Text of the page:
Ain’t no such thing as a free lunch
I may not be Bodyslam’s biggest fan, but I have a lot of respect for Thailand’s biggest rock band — its unflinching dedication to its art and musical advancement doesn’t seem rest on its laurels or established fame. I understand why the band is where it is today, and I’m convinced it deserves its place in Thai music history.
Say what you will about Bodyslam, but the group has been the reigning king of Thai rock for many years now, and it’s not likely to see it dethroned any time soon.
So it saddens me to see the newest development of the band’s nationwide tour. Bodyslam originally planned to perform over 30 shows across the country, but on Saturday the band and its tour promoter decided to pull down the curtain. It was only the 11th scheduled show.
A melodramatic meltdown preceded the band’s decision to pull the plug on the tour. Apparently ticket sales and sponsorships failed to supplement the tour, which has so far lost around 20 million baht. On Thursday the promoter decided to drop ticket prices from 1,500 to 399 baht, with a guarantee of a photo book for those who already attended a concert. An angry storm from the public ensued, boiling to the point that Bodyslam and the promoter chose to stop the tour.
Part of Bodyslam’s charm comes from its honest and solidified connection with its fan base, which consists of people from all walks of life. Photos of lead vocalist Toon crying backstage after the show were heart-wrenching and emotional, as no one expected it to turn out this way.
I have to say that the call to decrease ticket prices wasn’t exactly well-thought-out, but I suspect that it was a last-ditch attempt to save the tour, and was a slight misjudgement of public reaction.
Still, I admire the band’s and the promoter’s brutal honesty and sincere apology that followed. They have been classy and composed in handling the outrage. They were ready to face whatever this crisis of faith and finance had in store for them. This tour was supposedly going to be the next step for Bodyslam, as its production was of international standard. No expense was spared in the full-scale production, in terms of stage design, sound and lighting — it was an expensive tour, thus the rather high ticket prices. But what the band couldn’t foresee was how Thai audiences would fail to appreciate the commitment and large-scale production, refusing to cough up 1,500 baht.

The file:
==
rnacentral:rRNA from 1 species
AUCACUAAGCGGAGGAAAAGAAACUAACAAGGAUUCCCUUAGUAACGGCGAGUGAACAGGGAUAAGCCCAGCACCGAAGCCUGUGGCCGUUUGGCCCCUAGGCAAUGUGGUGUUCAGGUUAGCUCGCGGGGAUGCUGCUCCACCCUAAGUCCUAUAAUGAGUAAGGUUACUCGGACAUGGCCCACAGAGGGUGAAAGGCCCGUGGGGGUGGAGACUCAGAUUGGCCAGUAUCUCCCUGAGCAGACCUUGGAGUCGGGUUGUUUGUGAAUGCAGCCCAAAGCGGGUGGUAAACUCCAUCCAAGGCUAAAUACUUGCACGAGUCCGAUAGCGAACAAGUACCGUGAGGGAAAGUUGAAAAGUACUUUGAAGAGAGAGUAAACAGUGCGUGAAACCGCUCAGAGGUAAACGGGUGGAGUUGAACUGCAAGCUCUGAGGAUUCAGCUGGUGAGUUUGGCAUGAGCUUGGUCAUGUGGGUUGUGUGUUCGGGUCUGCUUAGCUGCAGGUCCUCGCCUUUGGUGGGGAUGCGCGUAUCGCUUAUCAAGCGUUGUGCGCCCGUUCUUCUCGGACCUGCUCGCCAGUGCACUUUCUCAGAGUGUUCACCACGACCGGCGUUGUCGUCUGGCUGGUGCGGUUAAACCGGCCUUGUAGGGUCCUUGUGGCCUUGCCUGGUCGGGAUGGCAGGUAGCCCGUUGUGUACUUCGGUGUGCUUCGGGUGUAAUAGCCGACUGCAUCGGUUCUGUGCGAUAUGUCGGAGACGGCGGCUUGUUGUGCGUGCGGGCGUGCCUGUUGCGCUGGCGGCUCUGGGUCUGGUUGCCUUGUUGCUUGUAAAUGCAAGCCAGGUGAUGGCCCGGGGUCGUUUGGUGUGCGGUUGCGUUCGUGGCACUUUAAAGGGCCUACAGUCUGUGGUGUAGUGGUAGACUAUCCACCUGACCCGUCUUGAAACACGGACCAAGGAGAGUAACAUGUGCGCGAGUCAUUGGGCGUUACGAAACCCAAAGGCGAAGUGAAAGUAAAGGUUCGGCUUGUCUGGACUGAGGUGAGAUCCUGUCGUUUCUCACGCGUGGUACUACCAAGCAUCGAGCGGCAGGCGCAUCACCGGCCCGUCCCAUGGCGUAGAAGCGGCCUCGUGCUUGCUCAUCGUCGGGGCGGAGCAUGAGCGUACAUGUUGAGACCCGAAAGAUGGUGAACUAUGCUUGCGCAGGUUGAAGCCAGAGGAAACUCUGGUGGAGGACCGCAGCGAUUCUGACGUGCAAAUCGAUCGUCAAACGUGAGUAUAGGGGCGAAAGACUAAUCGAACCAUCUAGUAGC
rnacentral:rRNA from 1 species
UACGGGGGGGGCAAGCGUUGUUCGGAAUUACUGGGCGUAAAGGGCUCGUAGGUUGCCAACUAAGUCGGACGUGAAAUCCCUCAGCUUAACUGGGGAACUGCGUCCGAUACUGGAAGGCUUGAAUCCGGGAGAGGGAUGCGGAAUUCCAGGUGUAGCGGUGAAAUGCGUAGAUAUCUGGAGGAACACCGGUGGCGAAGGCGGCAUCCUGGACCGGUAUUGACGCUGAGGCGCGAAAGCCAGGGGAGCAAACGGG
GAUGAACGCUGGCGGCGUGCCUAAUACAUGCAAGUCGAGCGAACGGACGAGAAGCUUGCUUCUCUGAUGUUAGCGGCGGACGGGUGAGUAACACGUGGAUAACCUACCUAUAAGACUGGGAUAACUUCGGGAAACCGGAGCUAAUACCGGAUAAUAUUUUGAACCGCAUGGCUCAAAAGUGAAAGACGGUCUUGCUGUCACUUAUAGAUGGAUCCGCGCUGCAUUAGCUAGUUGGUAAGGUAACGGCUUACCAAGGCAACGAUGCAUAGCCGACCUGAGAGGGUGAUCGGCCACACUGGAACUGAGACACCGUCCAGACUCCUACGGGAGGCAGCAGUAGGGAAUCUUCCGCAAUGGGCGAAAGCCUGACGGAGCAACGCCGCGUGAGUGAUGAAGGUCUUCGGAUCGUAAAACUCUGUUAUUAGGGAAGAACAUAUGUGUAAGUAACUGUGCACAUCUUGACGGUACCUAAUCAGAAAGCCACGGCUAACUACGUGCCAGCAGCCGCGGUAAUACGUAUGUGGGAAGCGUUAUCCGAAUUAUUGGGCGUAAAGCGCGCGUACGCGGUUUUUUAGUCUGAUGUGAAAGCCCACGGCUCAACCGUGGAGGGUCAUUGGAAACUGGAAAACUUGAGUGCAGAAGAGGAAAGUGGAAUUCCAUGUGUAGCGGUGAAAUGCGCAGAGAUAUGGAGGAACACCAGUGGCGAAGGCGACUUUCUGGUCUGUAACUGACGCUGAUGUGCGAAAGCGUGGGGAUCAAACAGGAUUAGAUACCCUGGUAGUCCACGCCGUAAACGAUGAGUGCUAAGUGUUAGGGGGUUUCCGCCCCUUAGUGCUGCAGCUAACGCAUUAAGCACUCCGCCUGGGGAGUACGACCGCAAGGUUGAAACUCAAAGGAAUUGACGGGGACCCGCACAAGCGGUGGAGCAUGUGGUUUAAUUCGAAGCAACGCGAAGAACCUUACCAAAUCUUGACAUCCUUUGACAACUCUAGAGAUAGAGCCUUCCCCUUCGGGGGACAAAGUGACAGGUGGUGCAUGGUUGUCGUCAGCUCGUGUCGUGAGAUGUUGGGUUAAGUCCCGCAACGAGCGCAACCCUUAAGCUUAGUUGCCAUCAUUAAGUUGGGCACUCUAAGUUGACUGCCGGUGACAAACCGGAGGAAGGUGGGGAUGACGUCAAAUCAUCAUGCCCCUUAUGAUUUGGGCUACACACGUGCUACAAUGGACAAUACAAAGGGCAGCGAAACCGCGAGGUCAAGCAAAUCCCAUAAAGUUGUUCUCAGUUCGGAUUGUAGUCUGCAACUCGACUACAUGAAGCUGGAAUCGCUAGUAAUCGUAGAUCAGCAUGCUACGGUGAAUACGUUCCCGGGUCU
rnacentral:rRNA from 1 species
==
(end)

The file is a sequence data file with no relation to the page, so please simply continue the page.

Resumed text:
On the other hand, a lot of Bodyslam fans are youngsters, and 1,500 baht can go a long way for them, especially outside of Bangkok, where one can survive for
a long time on that amount of money.
Bodyslam admitted that it might have been overambitious, and revealed that even if every show had sold out, it would have only broken even. But the group wanted to do something new, to explore uncharted territory.
This also goes to show that Thai music consumers are spoiled, as they’re often treated to free shows. They’re only willing to pay when there’s some sort of festival, where they can see as many bands as possible. Even then, there are always freeloaders who look to somehow gain free entrance.
Thai bands don’t “tour”, as Bodyslam was trying to do. They’re usually hired by commercial promoters to play in pubs or at events, to a non-paying crowd.
That’s how bands make their money, since they can no longer sell their music. Over the years, I often hear people say, “Oh, I like that band very much, but I don’t think I want to attend the show if I’m not on the guest list.”
It’s rather contradictory and tragic. If Bodyslam can’t pull it off, who else will be able to?
How long will we be stuck in this run-of-the-mill pub circuit in which bands just play to get paid?
It’s fine and dandy to enjoy free live shows when they’re actually free, but when your beloved bands try to do something different for the sake of art, you should always be at the forefront to support them.
As a lifelong music lover, I have no qualms about shelling out cash for concert tickets (even though as a hack, I’m pretty much a live show freeloader by default), rare B-sides or collectibles from artists with whom I have long-term relationships, even if I might not agree with some of things they put out.
But that’s how you ensure your favourite bands will stick around for as long as possible. Love and adoration alone aren’t enough to go on.
I can only hope it all ends well for Bodyslam and all involved parties. This is just a little bump in the road.
I know the group can bounce back better and stronger, but in the meantime, just be reminded that there’s no such thing as an eternal free lunch.
Onsiri Pravattiyagul writes about music and contemporary culture for the Life section of the Bangkok Post.